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A View From A Bridge Essay

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Introduction

Focusing on the first scene, up to the arrival of Marco and Rodolpho, show how Arthur Miller introduces the main issues of the play and prepares the audience for what is to come. At the beginning of the play, from Alfieri's monologue you can tell that there is constant tension between the people in the neighbourhood because of when he says how "I often think that behind that suspicious little nod of theirs lie three thousand years of distrust". This shows that this "trust" hasn't been broken recently, it has been going back generations upon generations. The comment "Oh, there were many here who were justly shot by unjust men. Justice is very important here" says to the reader that no matter how much violence it may lead to it will be done, and in the hands of the Italian civilians. They don't go to the police and instead fight it out themselves. Things are obviously starting to calm down now though because Alfieri no longer keeps a pistol in his filing cabinet and says that people are "now quite civilized, quite American". When we first meet the Carbone family, we see an excited Catherine welcoming Eddie home from a long day of working in the docks. ...read more.

Middle

Beatrice and Eddies relationship has an obvious problem which is that he has more feelings for Catherine than he does for Beatrice. Which Beatrice realises but Eddie doesn't. At the beginning Beatrice isn't so open about the fact that she knows Eddies has feelings for his niece, but after some time she starts to argue with Eddie whenever its just them left in the room. But right now at the beginning Beatrice doesn't speak it out. When Eddie tells Catherine that Beatrice's cousins have landed, B. is very concerned about how the house looks and that she hasn't bought a new table cloth "(astounded and afraid) I'm - I just - I can't believe it! I didn't even buy a new tablecloth; I was gonna wash the walls". Eddie is actually a nice and caring person and not just the guy who brings in the money. He reassures Beatrice that "Listen, they'll think it's a millionaire's house compared to the way they live" this calms her down a bit but she is still a little doubtful until Eddie says "You're saving their lives, what're you worrying about the table cloth? They probably didn't see a tablecloth in their whole life where they come from" which begins to calm her down. ...read more.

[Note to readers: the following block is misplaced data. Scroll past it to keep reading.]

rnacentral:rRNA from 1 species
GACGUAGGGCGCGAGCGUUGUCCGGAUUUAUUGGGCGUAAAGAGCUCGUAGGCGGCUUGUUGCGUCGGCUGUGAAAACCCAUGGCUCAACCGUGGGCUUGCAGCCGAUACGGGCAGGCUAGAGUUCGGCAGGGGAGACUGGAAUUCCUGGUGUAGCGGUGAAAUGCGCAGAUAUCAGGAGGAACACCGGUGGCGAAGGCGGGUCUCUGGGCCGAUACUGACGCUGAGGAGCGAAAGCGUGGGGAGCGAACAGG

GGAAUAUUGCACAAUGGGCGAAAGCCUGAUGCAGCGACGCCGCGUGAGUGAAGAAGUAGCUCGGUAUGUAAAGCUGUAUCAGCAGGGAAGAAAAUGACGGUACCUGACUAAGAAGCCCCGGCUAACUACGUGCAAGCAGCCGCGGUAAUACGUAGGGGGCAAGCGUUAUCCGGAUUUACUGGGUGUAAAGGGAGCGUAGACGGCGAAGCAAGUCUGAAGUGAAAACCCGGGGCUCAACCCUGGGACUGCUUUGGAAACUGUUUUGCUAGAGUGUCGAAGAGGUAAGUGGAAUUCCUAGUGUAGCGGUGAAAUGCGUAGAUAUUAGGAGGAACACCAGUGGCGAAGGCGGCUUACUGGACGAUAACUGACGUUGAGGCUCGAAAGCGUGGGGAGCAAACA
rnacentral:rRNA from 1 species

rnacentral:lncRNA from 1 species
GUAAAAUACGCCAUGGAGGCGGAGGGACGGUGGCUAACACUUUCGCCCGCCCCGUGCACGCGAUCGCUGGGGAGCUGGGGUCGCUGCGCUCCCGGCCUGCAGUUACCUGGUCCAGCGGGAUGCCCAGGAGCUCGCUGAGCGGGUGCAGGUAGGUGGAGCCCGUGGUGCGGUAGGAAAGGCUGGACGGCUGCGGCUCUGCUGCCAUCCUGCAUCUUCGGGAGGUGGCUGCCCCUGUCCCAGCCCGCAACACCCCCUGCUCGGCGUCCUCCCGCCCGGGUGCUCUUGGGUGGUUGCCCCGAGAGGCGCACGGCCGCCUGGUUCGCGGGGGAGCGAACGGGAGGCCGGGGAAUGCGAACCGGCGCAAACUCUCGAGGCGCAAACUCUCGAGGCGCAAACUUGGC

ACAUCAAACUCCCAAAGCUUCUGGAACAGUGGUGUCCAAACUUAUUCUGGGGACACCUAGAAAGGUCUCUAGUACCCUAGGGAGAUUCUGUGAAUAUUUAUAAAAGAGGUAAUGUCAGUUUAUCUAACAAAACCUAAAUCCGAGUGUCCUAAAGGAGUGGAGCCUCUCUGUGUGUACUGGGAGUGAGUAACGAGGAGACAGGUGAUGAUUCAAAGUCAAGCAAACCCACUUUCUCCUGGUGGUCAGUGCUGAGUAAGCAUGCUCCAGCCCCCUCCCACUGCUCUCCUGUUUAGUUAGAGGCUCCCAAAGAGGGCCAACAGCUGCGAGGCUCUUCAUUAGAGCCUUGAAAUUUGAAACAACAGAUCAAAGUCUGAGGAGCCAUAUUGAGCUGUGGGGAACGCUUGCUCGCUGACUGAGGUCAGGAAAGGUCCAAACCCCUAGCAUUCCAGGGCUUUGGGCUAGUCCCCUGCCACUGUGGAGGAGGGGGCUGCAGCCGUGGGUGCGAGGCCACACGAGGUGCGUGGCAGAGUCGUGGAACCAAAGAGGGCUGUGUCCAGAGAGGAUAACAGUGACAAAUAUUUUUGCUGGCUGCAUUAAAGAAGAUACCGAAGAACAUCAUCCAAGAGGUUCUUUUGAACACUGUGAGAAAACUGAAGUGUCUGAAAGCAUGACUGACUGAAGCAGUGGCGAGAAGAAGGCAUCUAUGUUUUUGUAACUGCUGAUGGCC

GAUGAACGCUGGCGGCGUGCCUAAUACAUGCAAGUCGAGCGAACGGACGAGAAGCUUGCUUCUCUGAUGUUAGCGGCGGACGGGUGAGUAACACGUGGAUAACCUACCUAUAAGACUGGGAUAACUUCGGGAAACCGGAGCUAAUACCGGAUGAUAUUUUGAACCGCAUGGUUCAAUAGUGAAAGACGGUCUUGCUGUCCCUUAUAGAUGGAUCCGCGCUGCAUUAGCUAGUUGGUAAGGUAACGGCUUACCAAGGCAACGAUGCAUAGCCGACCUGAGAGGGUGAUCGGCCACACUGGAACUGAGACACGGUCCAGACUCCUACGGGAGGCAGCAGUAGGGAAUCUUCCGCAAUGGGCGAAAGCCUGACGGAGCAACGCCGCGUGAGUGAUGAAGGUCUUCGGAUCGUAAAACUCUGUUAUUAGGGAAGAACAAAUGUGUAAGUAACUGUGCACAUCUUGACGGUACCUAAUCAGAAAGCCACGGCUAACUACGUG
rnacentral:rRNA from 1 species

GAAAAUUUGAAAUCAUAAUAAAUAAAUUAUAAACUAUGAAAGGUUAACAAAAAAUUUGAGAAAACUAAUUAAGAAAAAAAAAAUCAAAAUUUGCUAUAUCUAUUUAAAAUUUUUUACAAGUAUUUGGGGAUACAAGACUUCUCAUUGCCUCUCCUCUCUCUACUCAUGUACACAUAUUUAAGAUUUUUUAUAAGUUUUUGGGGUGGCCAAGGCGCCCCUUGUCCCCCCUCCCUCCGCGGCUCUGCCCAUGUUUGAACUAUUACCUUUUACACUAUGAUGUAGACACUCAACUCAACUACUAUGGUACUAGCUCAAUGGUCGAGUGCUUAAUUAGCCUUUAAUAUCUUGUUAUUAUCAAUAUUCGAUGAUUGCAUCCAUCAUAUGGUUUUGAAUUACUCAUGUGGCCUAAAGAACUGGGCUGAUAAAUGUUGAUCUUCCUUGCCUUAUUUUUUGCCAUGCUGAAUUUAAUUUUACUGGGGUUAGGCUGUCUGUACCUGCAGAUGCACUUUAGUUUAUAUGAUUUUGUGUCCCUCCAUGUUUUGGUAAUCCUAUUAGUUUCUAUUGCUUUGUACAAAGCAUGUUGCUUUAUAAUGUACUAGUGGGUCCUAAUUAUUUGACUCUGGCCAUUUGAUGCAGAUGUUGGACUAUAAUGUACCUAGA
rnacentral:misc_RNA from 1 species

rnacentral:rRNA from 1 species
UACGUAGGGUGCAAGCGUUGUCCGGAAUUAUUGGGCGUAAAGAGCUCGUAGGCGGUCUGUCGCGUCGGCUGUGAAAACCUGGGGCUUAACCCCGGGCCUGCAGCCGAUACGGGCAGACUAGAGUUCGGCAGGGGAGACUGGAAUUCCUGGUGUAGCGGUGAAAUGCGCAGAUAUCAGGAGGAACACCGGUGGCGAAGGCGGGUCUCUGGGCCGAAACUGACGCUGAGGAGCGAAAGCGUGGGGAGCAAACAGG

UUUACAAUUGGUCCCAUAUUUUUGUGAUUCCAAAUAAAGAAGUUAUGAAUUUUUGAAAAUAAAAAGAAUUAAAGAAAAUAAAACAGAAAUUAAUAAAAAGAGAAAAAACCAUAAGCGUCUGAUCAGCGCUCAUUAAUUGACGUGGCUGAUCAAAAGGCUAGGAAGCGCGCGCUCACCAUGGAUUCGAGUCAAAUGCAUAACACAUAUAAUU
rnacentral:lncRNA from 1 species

Conclusion

Beatrice replies with "Yeah, but she'll be in the office, Eddie" but again it's not what Eddie had in mind. He had had good intentions for Catherine because he wanted her "to be with different kind of people. I want you to be in a nice office. Maybe a lawyers office in New York in one of them nice buildings". He obviously doesn't want her to go because when Beatrice tells him to think about it "(he is silent, staring down at the tablecloth, fingering the pattern)". Beatrice tells him that "she'll get out of the subway and be in the office in two minutes" but Eddie is somehow sickened by the idea of her working in that neighbourhood. After some time Eddie actually agrees to let her work, Catherine is excited and says that she will buy new dishes with her first pay and Eddie replies with a sudden "and then you'll move away" Catherine denies this accusation but Eddie still carries on with "Why not? That's life. And you'll come visit on Sundays, then once a month, then Christmas and New Year's, finally" Catherine again denies the accusation but Eddie is hurt that she will be leaving him and the house and this shows he isn't ready to move on yet. ...read more.

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